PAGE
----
A £10,000 marketing and promotion campaign began yesterday aimed at getting more people to enjoy bed and breakfast or self-catering accommodation on Scottish farms, with an emphasis on local produce.
Marion Oates, regional director of Farm Stay Scotland, which is organising the campaign with £5,000 backing from VisitScotland, said yesterday: “Beautiful scenery, open spaces, fresh air and local produce – there is nothing quite like a holiday on a Scottish farm.
“Guests get a unique insight into rural life and the money stays in the local economy. Our members already have visitors from all over the world staying on their farms and this campaign will encourage even more to enjoy a slice of country life.”
Main targets for the campaign by Farm Stay Scotland – in its 30th anniversary year campaign that will include increased online marketing, an improved website and more effective brochure distribution – are visitors from England, northern Europe, Australia, New Zealand and Canada.
Speaking at a special brunch at Gill Tait’s B&B and self-catering at Redshill Farm, Gifford , in East Lothian – which included local bacon, sausages, eggs, smoked salmon, rolls, honey and jam – Oates said good holiday facilities on working farms could meet a huge demand for holidays with a difference.
That was particularly true for visitors from Australia, Canada and New Zealand, many of whom had experience of farms in their own countries, she said.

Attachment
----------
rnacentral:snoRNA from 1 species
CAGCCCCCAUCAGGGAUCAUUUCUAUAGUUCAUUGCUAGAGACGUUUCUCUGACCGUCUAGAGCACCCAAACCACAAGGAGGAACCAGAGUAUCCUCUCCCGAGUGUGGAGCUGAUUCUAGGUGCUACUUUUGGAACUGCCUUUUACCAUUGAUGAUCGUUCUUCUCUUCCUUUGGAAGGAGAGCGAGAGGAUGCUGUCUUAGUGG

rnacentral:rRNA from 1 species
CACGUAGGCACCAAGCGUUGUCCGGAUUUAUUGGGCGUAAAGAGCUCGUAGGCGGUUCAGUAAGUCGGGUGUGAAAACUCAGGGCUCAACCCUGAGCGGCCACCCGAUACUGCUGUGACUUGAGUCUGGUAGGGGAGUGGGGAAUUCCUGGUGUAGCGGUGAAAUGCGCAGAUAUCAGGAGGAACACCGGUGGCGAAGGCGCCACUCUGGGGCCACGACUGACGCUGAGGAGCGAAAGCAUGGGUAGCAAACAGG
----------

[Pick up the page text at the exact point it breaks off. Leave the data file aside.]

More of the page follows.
Rosanne Mackay, who has a Farm Stay B&B near the battlefield of Culloden outside Inverness, where sheepdog demonstrations by her husband are a selling point, said: “We find that, once visitors have enjoyed a Farm Stay holiday, they make return visits. This campaign is to encourage the first visit.”
VisitScotland funding for the campaign is via the Year of Natural Scotland growth fund that is intended to raise awareness of Scotland’s landscape and scenery, local and natural food and drink and sustainability.
Holidays offered by Farm Stay Scotland members are a close fit to the intentions of the growth fund and the campaign would, said Mike Cantlay, chairman of Visit-Scotland, encourage even more people to make the most of Scotland’s outdoors, enjoy local produce and boost the visitor economy.
Efforts are also being made to link farm holidays with quality-food and drink tours.
Brenda Anderson, who runs the independent company Tasting Scotland, said at Redhills yesterday that such tours – which can be self-drive or with transport provided – had proved to be particularly successful so far in Fife.
She added: “But there is great potential for most parts of Scotland, including East Lothian, Perthshire and the North-east to tie in with Farm Stay providers.”
Quality local food is increasingly seen as a strong selling point for Scottish tourism which now employs about 270,000 people in more than 20,000 businesses, contributing an estimated £11 billion annually to the economy.